Home Page
news 04 Apr 16

Election Deal Brings Hope of End to Montenegro Crisis

After months of negotiations, Montenegro's ruling and opposition parties are set to sign an agreement on organizing free elections, hopefully ending a prolonged political crisis.

Dusica Tomovic
 Montenegro's political leaders agreed to end the crisis that has kept the country at boiling point for months | Photo: Montenegrin Parliament.

Montenegro's quarrelling parties have agreed to sign a landmark deal on the conduct of the next elections by April 9.

Under the terms of the agreement, the opposition will get ministerial seats in the cabinet and representatives in important state institutions.

However, it is unclear if the three opposition parties that have been negotiating with Prime Minister Milo Djukanovic will get everything they asked for as the price of ending the country's prolonged turmoil.

The crisis in Montenegro, the worst since it gained independence in 2006, revolves around opposition claims that the government has no legitimacy to organize general elections planned this year.

The opposition accuses the government led by Djukanovic of election fraud and of misuse of state funds for party political purposes.

Nedjeljko Rudovic, a representative of the civic movement URA, one of the opposition parties that participated in the negotiations, told BIRN that more than 90 per cent of the opposition demands had now been accepted.

It is agreed that the opposition will get five ministerial seats and will participate in 16 state institutions, six state-owned enterprises and financial services at municipal level.

The opposition said that it had also agreed with the Djukanovic's Democratic Party of Socialists, DPS, that the Special Prosecution for Organized Crime will probe alleged violations of the electoral law and election fraud.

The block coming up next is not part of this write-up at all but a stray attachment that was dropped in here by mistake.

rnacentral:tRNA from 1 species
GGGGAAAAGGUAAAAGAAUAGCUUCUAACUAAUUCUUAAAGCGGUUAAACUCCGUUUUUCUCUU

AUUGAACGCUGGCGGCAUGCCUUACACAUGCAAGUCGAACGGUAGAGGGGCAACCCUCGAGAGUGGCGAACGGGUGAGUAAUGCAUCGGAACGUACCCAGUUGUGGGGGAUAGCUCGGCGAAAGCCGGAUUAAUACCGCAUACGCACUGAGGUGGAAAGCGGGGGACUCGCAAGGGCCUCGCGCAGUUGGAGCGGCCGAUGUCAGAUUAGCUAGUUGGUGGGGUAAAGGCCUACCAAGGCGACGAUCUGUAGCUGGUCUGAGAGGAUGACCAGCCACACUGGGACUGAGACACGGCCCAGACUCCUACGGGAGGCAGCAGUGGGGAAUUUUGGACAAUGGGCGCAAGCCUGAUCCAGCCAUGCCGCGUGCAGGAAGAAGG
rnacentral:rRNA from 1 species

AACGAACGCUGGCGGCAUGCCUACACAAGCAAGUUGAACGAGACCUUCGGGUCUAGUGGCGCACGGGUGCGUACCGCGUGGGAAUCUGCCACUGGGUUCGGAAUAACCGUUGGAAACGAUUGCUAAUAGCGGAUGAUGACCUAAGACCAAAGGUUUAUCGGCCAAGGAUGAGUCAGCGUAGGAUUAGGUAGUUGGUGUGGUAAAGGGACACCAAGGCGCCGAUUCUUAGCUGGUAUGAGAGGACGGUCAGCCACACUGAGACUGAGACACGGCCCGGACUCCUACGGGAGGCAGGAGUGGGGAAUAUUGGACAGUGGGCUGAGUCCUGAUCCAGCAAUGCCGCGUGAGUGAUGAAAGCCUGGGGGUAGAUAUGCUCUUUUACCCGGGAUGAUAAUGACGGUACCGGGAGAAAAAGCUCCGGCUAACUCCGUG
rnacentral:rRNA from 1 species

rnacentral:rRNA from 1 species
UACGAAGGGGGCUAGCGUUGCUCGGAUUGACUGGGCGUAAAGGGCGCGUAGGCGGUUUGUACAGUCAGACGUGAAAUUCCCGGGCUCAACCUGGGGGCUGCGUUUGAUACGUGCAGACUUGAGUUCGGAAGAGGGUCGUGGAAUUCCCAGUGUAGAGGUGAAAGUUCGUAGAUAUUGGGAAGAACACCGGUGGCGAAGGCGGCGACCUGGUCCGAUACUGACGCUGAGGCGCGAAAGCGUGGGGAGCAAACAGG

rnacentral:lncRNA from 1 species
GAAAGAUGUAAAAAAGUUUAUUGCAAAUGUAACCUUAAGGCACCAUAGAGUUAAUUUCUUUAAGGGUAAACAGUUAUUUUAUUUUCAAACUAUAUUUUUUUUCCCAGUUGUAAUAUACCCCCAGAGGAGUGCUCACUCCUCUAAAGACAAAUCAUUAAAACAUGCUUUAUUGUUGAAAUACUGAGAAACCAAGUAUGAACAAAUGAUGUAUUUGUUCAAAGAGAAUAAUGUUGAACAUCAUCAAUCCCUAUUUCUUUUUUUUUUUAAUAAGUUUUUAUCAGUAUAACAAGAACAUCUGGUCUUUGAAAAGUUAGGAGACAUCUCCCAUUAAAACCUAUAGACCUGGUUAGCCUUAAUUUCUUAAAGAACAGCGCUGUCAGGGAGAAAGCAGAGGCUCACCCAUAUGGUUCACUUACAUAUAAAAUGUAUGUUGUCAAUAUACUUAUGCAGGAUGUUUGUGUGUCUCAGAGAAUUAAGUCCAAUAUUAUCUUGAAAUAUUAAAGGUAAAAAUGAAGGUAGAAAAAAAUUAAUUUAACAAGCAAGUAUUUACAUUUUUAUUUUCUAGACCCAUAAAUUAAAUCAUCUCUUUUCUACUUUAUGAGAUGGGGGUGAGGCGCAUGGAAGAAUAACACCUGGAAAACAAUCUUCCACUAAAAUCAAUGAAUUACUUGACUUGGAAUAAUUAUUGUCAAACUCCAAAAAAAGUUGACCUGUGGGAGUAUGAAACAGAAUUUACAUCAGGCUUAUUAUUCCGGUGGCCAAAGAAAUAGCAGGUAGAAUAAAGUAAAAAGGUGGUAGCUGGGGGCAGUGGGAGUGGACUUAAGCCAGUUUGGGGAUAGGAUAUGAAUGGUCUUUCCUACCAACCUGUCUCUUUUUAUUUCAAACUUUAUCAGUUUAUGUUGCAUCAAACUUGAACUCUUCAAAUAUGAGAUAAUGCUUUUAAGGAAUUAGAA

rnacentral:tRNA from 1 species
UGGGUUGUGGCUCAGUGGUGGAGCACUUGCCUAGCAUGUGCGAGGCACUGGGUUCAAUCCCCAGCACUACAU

Currently, the Basic Prosecution Office is in charge of examining such offences but the opposition queries its capacity to conduct investigations properly.

Rudovic confirmed that the final phase of the deal is yet to be agreed. This concerns the opposition request that the director of public TV, Radojka Rutovic resign and that a new management-editorial team of the public broadcaster RTCG, be appointed.

The opposition says the current management of RTCG has been biased in its reporting for years.

The election agreement should oblige the government to hire a professional editorial team and management for RTCG chosen in accordance with he Code of Professional Journalists in Montenegro.

For the ruling DPS, a key condition for the agreement on the elections is the dismissal of the speaker of parliament, Ranko Krivokapic, once a close Djukanovic ally.

"I believe the agreement will be signed soon because only some technical details about its implemnetation remained to be settled," Rudovic explained.

Addressing parliament on Thursday, Djukanovic reiterated that he expected the dismissal of speaker Krivokapic to happen soon, adding that his party will not impose any additional requirements for the deal.

After the agreement is signed and submitted to the parliament, a lex specialis would be adopted to legally define the implementation and use of state resources.

The first test for the deal between Djukanovic and the opposition will be the local elections in the coastal town of Tivat, scheduled for April 17.

The opposition wants them postponed, accusing the government of delaying the implementation of EU-backed electoral laws adopted in 2014 in order to prevent fraud and misuse of state funds in such polls.

Talk about it!

blog comments powered by Disqus

Related Headlines:

17 Nov 17

Albania Red-Faced Over Soldiers Deserting in UK

Defence Ministry acknowledges embarrassing reports that four of the highest trained soldiers failed to return home from a training mission in UK, again exposing the problem of low salaries and hopelessness in Albania.

17 Nov 17

How Ratko Mladic ‘Blew Sarajevo’s Mind’

Premium Selection

17 Nov 17

Russia Lures Turkey From NATO With Missile Deal

Turkey’s plans to buy Russian S-400 missile systems alarm its Western allies but form part of an ever-closer partnership with Russia that will have an obvious impact on the Balkans.

17 Nov 17

Romania’s Dacian Wolf Sends Wrong Message, Experts Warn

The choice of a Dacian wolf as Romania’s logo for the presidency of the European Council in 2019 has caused controversy over whether it might send a confusing nationalistic message about the country.